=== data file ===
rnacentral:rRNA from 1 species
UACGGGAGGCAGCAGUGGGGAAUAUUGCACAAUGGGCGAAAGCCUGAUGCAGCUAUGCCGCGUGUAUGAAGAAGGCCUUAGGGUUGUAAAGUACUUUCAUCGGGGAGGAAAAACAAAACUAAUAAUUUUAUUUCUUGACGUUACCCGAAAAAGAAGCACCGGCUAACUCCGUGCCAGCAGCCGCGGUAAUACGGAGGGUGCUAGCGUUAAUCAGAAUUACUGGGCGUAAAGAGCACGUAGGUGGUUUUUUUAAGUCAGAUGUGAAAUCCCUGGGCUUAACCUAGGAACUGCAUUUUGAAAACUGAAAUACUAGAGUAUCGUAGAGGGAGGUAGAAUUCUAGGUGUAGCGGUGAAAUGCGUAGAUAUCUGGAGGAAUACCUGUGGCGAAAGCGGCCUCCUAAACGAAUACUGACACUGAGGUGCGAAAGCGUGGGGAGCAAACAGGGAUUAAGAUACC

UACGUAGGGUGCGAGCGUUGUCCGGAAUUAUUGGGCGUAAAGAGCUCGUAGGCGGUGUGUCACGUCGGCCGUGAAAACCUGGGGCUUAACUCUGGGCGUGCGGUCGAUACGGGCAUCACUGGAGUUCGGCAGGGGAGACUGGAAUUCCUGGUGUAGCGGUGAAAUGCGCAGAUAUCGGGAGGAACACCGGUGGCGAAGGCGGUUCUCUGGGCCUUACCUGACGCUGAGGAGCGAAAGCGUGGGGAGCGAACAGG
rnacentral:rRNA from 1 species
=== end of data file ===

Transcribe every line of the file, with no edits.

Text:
rnacentral:rRNA from 1 species
UACGGGAGGCAGCAGUGGGGAAUAUUGCACAAUGGGCGAAAGCCUGAUGCAGCUAUGCCGCGUGUAUGAAGAAGGCCUUAGGGUUGUAAAGUACUUUCAUCGGGGAGGAAAAACAAAACUAAUAAUUUUAUUUCUUGACGUUACCCGAAAAAGAAGCACCGGCUAACUCCGUGCCAGCAGCCGCGGUAAUACGGAGGGUGCUAGCGUUAAUCAGAAUUACUGGGCGUAAAGAGCACGUAGGUGGUUUUUUUAAGUCAGAUGUGAAAUCCCUGGGCUUAACCUAGGAACUGCAUUUUGAAAACUGAAAUACUAGAGUAUCGUAGAGGGAGGUAGAAUUCUAGGUGUAGCGGUGAAAUGCGUAGAUAUCUGGAGGAAUACCUGUGGCGAAAGCGGCCUCCUAAACGAAUACUGACACUGAGGUGCGAAAGCGUGGGGAGCAAACAGGGAUUAAGAUACC

UACGUAGGGUGCGAGCGUUGUCCGGAAUUAUUGGGCGUAAAGAGCUCGUAGGCGGUGUGUCACGUCGGCCGUGAAAACCUGGGGCUUAACUCUGGGCGUGCGGUCGAUACGGGCAUCACUGGAGUUCGGCAGGGGAGACUGGAAUUCCUGGUGUAGCGGUGAAAUGCGCAGAUAUCGGGAGGAACACCGGUGGCGAAGGCGGUUCUCUGGGCCUUACCUGACGCUGAGGAGCGAAAGCGUGGGGAGCGAACAGG
rnacentral:rRNA from 1 species